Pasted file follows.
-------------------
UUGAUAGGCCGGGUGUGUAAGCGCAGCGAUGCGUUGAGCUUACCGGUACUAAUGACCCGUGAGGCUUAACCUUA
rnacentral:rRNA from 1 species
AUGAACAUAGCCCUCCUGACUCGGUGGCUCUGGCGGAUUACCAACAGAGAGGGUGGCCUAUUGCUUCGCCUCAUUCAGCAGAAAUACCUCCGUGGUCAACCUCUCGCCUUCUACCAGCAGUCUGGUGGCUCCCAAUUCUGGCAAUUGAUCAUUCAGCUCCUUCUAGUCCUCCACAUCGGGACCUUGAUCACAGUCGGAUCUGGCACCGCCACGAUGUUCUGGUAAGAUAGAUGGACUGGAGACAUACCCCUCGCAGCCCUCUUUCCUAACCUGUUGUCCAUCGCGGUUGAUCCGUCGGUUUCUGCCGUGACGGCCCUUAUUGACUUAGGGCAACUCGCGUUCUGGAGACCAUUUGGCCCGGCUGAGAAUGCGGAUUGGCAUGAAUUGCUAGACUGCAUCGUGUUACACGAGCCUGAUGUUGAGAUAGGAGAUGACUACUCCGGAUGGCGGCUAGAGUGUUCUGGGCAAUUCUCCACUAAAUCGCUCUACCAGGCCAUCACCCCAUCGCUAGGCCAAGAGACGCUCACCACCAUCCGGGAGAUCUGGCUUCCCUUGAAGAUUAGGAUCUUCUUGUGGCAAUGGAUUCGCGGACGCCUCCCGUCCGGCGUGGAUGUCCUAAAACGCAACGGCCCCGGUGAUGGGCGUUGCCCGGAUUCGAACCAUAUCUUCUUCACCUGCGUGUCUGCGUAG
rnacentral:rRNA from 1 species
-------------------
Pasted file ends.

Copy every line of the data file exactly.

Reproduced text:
UUGAUAGGCCGGGUGUGUAAGCGCAGCGAUGCGUUGAGCUUACCGGUACUAAUGACCCGUGAGGCUUAACCUUA
rnacentral:rRNA from 1 species
AUGAACAUAGCCCUCCUGACUCGGUGGCUCUGGCGGAUUACCAACAGAGAGGGUGGCCUAUUGCUUCGCCUCAUUCAGCAGAAAUACCUCCGUGGUCAACCUCUCGCCUUCUACCAGCAGUCUGGUGGCUCCCAAUUCUGGCAAUUGAUCAUUCAGCUCCUUCUAGUCCUCCACAUCGGGACCUUGAUCACAGUCGGAUCUGGCACCGCCACGAUGUUCUGGUAAGAUAGAUGGACUGGAGACAUACCCCUCGCAGCCCUCUUUCCUAACCUGUUGUCCAUCGCGGUUGAUCCGUCGGUUUCUGCCGUGACGGCCCUUAUUGACUUAGGGCAACUCGCGUUCUGGAGACCAUUUGGCCCGGCUGAGAAUGCGGAUUGGCAUGAAUUGCUAGACUGCAUCGUGUUACACGAGCCUGAUGUUGAGAUAGGAGAUGACUACUCCGGAUGGCGGCUAGAGUGUUCUGGGCAAUUCUCCACUAAAUCGCUCUACCAGGCCAUCACCCCAUCGCUAGGCCAAGAGACGCUCACCACCAUCCGGGAGAUCUGGCUUCCCUUGAAGAUUAGGAUCUUCUUGUGGCAAUGGAUUCGCGGACGCCUCCCGUCCGGCGUGGAUGUCCUAAAACGCAACGGCCCCGGUGAUGGGCGUUGCCCGGAUUCGAACCAUAUCUUCUUCACCUGCGUGUCUGCGUAG
rnacentral:rRNA from 1 species